doi:10.1038/nindia.2012.164 Published online 5 November 2012
A theoretical model developed by scientists of the Indian Institute of Science (IISc) in Bangalore explains why sunspots sometimes disappear for almost a century many times in the past1.
Sunspots that can be as large as 80,000 kilometres across are temporary phenomenon on the Sun's surface (photosphere). They appear darker in comparison to their surroundings. The number of sunspots increases and decreases in cycles of approximately 11 years time period.
But one of the most striking aspects of the 11-year sunspot cycle is that there have been times in the past when some cycles went missing for several decades resulting in the so called 'grand minima'. Modern research found indirect evidence for 27 such grand minima in the last 11,000 years implying that about 2:7% of the solar cycles had conditions appropriate for forcing the Sun into grand minima.
These grand minima — that result when the Sun takes a break from its customary cycle of sunspot activity — may influence space weather and the Earth's climate, as evidenced by a cold spell during the 'Maunder minimum' (1645-1715) when very few sunspots appeared on the face of the Sun. Therefore, scientists consider it very important to understand the origin of the grand minima and the probability of their occurrence.
It is generally believed that the Sun's magnetic field is generated by a magnetic dynamo within. Research in the past suggested that a grand minimum may arise due to weakening in the Sun's magnetic field and circulation. Arnab Rai Choudhuri and Bidya Karak of the IISc have now uncovered the physics underlying these sunspot variations and developed a model to predict how often the grand minima can occur.
"Sunspots are regions of strong magnetic field embedded in the plasma," the authors report in their paper. "A plasma process, known as the 'dynamo process', is responsible for producing the 11-year sunspot cycle, which is basically the magnetic cycle of the sun," they say.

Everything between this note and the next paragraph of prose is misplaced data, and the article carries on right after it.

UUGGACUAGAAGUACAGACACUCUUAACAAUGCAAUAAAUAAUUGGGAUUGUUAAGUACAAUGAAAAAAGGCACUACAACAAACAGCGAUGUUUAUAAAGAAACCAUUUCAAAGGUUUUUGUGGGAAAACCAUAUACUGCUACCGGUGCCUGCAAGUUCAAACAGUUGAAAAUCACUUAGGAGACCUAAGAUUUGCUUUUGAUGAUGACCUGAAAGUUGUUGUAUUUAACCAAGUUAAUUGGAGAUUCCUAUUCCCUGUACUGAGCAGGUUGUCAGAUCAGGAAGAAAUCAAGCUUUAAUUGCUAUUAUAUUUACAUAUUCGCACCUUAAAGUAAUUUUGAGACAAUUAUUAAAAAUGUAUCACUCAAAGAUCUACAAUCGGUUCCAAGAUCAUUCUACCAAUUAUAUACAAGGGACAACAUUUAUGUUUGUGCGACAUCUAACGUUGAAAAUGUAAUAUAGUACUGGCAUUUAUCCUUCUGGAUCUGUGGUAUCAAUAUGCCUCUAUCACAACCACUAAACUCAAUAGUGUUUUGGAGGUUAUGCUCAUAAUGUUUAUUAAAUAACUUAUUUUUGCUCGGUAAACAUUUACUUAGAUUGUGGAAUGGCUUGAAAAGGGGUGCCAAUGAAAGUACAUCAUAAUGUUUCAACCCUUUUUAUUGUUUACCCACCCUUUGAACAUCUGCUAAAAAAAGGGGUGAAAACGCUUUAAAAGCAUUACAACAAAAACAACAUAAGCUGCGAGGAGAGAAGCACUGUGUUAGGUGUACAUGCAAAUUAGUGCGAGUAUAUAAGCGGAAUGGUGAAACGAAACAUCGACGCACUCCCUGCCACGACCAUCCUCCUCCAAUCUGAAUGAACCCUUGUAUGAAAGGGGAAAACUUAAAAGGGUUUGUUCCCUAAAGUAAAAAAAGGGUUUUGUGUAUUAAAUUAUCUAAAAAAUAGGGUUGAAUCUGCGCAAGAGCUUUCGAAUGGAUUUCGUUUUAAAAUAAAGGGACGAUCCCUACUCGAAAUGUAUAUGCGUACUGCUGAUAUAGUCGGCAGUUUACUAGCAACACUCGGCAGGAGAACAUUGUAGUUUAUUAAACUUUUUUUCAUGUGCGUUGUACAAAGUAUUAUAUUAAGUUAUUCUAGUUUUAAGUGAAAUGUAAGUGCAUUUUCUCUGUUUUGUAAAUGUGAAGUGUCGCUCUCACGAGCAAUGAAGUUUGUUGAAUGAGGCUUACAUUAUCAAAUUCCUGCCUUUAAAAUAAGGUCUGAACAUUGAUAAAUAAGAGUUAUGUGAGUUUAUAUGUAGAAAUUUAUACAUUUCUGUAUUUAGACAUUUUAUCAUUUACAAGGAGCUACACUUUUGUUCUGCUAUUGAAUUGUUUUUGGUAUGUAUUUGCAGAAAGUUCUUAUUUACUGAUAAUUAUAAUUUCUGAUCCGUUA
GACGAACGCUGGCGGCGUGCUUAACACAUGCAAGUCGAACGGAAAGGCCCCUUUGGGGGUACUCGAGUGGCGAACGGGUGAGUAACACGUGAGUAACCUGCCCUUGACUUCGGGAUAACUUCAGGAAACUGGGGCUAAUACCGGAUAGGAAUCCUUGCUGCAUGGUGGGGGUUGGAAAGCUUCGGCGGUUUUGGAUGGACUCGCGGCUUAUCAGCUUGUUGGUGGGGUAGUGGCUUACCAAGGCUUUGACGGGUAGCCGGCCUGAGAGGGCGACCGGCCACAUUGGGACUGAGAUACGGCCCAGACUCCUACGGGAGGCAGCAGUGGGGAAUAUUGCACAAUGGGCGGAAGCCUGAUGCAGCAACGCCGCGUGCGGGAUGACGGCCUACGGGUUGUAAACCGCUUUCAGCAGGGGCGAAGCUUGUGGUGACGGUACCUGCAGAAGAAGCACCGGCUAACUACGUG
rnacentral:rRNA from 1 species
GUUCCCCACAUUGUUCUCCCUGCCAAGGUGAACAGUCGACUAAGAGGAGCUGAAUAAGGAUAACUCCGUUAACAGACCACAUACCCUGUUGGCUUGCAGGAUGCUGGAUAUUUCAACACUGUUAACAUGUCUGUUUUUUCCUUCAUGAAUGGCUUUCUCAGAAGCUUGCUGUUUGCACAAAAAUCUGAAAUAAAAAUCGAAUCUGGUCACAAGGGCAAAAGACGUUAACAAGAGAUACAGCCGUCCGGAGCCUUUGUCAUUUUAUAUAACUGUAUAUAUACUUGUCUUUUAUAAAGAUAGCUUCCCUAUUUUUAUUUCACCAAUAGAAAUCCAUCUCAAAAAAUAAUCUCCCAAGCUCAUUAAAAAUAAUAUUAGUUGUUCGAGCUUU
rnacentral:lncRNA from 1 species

In their work, highlighted by the journal, the researchers studied the fluctuations of the Sun's magnetic field and circulation in its outer layers and have shown that sufficiently large fluctuations present in the dynamo process can sometimes push the sun into grand minima. "We show from our flux transport dynamo model that about 1–4% of the sunspot cycles may have conditions suitable for inducing grand minima," they report.
Using their theoretical model, they have calculated the frequency of occurrence of grand minima and find that their simulations typically produce about 24–30 grand minima in 11,000 years — remarkably close to the 27 grand minima actually observed in that period. In another important result, they find that the Sun spends about 10–15% of the time in a grand minimum state, which is very close to the observed 17%.
"We are amazed that the observational data could be reproduced so well (by our model)," the scientists say. They conclude that the irregularities of solar cycles, including the grand minima, are produced by fluctuations in magnetic field generation and in 'meridian circulation' which is the flow of material from the Sun's equator toward the poles at the surface and from the poles to the equator below the surface.